The Splintering of Comet 17P/Holmes During a Mega-Outburst

Also available in Romanian Translation (thanks Aleksandra)

Summary
Close examination of wide-field, high resolution images of outbursting comet 17P/Holmes show a set of fragments which rapidly recede from the nucleus and fade.

Astronomers from the University of California, Los Angeles and the University of Hawaii have discovered multiple fragments ejected during the largest cometary outburst ever witnessed. Rachel Stevenson, Jan Kleyna and David Jewitt began observing comet Holmes in October 2007 soon after it was reported that the small (3.6 km wide) body had brightened by a million times in less than a day. They continued observing for several weeks after the outburst using the Canada- France-Hawaii Telescope in Hawaii and watched as the dust cloud ejected by the comet grew to be larger than the Sun.

The astronomers examined a sequence of images taken over nine nights in November 2007 using a digital filter that enhances sharp discontinuities within images. The filter, called a Laplacian filter, is particularly good at picking out faint small-scale features that would otherwise remain undetected against the bright background of the expanding comet. They found numerous small objects that moved radially away from the nucleus at speeds up to 125 m/s (280 mph). These objects were too bright to simply be bare rocks, but instead were more like mini-comets creating their own dust clouds as the ice sublimated from their surfaces.

Caption: Animated movie showing the expansion of the coma of comet Holmes over 9 nights in 2007 November. The images have been spatially filtered to reveal fine structure. Inside the expanding envelope of the dust coma, a set of faint objects and their associated dust trails can be seen receding from the nucleus. Black/white circles that jump from image to image are background stars.

While cometary outbursts are common, their causes are unknown. One possibility is that internal pressure built up as the comet moved closer to the Sun and sub-surface ices evaporated. The pressure eventually became too great and part of the surface broke away, releasing a huge cloud of dust and gas, as well as larger fragments. Surprisingly, the solid nucleus of comet Holmes survived the outburst and continued on its orbit, seemingly unperturbed.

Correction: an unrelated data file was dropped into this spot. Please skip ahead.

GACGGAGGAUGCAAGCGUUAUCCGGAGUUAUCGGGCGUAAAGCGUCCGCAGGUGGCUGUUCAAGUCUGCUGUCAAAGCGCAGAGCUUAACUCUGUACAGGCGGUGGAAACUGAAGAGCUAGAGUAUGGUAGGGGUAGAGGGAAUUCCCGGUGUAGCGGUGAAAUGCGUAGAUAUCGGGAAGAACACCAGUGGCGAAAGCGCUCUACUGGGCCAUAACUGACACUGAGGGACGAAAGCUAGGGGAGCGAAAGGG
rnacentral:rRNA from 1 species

The orbit period of comet Holmes is about 6 years, putting it in the class of Jupiter Family Comets whose orbits are strongly influenced by Jupiter. These objects are thought to have spent most of the last 4.5 billion years orbiting the Sun beyond Neptune, in a region known as the Kuiper Belt. Holmes probably was deflected into its present orbit within the last few thousand years and is losing mass as it evaporates in the heat of the Sun. In another few thousand years it is likely either to hit the Sun or a planet, be ejected from the Solar system, or simply die by running out of gas.

The comet is now moving away but will return to its closest approach to the Sun in 2014, when astronomers will examine it for signs of further outbursts.

Caption: (Left) Image of comet Holmes from the 3.6-meter Canada-France-Hawaii telescope on Mauna Kea showing the large expanding dust coma. On the left, a 'raw' image is shown, in which the brightness reflects the distribution of dust in the coma of the comet (the nucleus is in the bright, point-like region to the upper left of center). On the right is shown the same image after application of the Laplacian spatial filter, to emphasize fine structures. The white/black circular objects are background stars enhanced by the Laplacian filter.

[The same image is available here as a 300 dpi tif file.]

Contacts:

Rachel Stevenson [stevenson@ucla.edu]

David Jewitt [jewitt@ucla.edu]

Jan Kleyna [kleyna@ifa.hawaii.edu]

David Jewitt

Comet Jewitt Kuiper